AC: I’m self-motivated, but I’m also motivated by different things for different reasons. What makes me stay at the summer camp I work at is the impact I can have on the kids I work with. I’m motivated to intern with College Bridge because it can help open doors. In life, it’s my family, because I love them so much.
CB: What’s your favorite thing about UNO?
AC: I don’t know! One of my favorite things this semester, just to be specific, was my economics professor. He’s so smart, and he gave great advice. He’d say simple things that really opened my eyes. And we’d have lots of interesting guest speakers. So, the professors are one thing I really appreciate.
Also, I really love Chi Alpha, which is a student organization that does prayer nights and other events. I love it because it’s weird to talk about Christian faith in the real world, but it helps with that, and it made it easier to meet new friends who have a similar belief system.
CB: What was your favorite class this year?
AC: Economics! The professor gave real life examples that apply to my life. And, economics messes with your brain because you don’t usually think like that. You never think of its principles, like supply and demand, in the real world, but econ explains it. And I’d also say my statistics class. I love math and I have a passion for it. I don’t think I’ll major in it, but I like that it bothers my brain when I don’t get something, and it makes me work ten times harder to get it.
CB: What is the biggest difference between high school and college?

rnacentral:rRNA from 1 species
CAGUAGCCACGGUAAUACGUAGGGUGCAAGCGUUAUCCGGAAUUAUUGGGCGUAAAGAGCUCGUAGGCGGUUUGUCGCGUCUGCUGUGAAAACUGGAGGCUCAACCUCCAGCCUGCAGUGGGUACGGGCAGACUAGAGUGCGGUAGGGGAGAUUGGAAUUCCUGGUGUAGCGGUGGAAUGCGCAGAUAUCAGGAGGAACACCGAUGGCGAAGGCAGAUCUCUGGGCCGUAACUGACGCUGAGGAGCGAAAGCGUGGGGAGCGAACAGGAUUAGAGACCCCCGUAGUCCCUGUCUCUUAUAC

AC: I like college better. I like the freedom to do what you want. And, it’s competitive. I like competition. I like that it asks me to think hard, like in my history class. You can’t just memorize. I have to take something in, meditate on it, and then say something about it. And, in college, you have so many choices of student activities and majors, you can see what you like, what you’re good at, what you’re not good at — and choose for yourself.
CB: We’re lucky to have you as College Bridge’s marketing intern! Can you talk a little about the projects you’re working on?
AC: Well, for instance, we worked on a welcome video for the incoming UNO and Loyola students who will be working with College Bridge this fall. We did a social media series on professionalism in college. For that, I made a series of Instagram pictures with quotes and tips in the caption. We’ll be posting them slowly over the next few months. They’re tips for being successful in college.
You should make it your job to meet people you think are important. You never know what or who they know.
CB: Thanks so much for sitting down with me, Asia. Is there anything else you’d like to share?
AC: You know, I think high schoolers usually get a speech about “They’re not going to help you in college.” There’s actually a lot of help out there. You just have to go and find it. Get help with grammar at the tutoring center, seek help from your teachers during office hours.
And the last piece of advice I’d give is about meeting people. You should make it your job to meet people you think are important. You never know what or who they know.